Skip to main content

ITC 70th Anniversary - ITC history

The Inland Transport Committee is a unique intergovernmental forum that was set up in 1947 in the wake of the Second World War.  Initially the ITC was meant to support the reconstruction of transport connections in post-war Europe. However, in the 70 years since, the ITC has grown beyond this original purpose and specialized in facilitating harmonized and sustainable development of inland modes of transport. The main results of this ongoing work are affecting the lives of every day citizens in ways they may not even realize. 
For example, there are 58 United Nations conventions and many more technical regulations which provide an international legal framework for the sustainable development of national and international road, rail, inland water and intermodal transport, including the transport of dangerous goods, as well as the construction and inspection of road motor vehicles. These conventions and regulations are constantly updated as new technology and information become available, so as to ensure that these transport means and systems meet the highest possible standards.    
Additionally, there are the Trans-European North-south Motorway, Trans-European Railway and the Euro-Asia Transport Links projects, under the purview of the ITC.  These projects facilitate the coordination between multiple countries of transport infrastructure investment programs.  These projects essentially work on developing a physical link between multiple parts of the globe allowing easier interregional shipping and trade.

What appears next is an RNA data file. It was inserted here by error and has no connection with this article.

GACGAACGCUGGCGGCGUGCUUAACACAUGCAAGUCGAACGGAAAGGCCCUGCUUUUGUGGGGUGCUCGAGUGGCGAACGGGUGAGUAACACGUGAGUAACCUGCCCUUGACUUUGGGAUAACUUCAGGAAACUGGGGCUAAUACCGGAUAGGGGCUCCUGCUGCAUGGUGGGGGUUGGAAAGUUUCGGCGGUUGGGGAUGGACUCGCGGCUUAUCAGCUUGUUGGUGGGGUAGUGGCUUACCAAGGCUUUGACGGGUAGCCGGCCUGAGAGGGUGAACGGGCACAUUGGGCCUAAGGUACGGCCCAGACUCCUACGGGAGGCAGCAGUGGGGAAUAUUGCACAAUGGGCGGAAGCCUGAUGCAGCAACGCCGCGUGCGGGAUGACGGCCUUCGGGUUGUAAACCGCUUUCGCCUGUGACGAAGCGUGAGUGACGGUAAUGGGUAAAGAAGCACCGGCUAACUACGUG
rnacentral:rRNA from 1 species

Along those same lines is the TIR system, which is a global customs transit facilitation solution, allowing quicker border crossing for international shipping.  This means not only increased speed, but reduces cost for the shipper and receiver.  
Under a UNDA funded project, UNECE has contributed to the development of a tool called For Future Inland Transport Systems (ForFITS), which can assist national and local governments to monitor carbon dioxide (CO2) emissions coming from inland transport modes and to select and design climate change mitigation policies, based on their impact and adapted to local conditions.  
The ITC also works with transport statistics, specifically developing methods and data that are internationally agreed upon, ensuring that both individual governments and bodies like the ITC have the most accurate data to work with in dealing with inland transport.  
The ITC also shows its work through studies and reports that help transport policy development by addressing timely issues, based on cutting-edge research and analysis. Special attention is additionally devoted to Intelligent Transport Services (ITS), sustainable urban mobility and city logistics, as well as to increasing the resilience of transport networks and services in response to climate change adaptation and security challenges.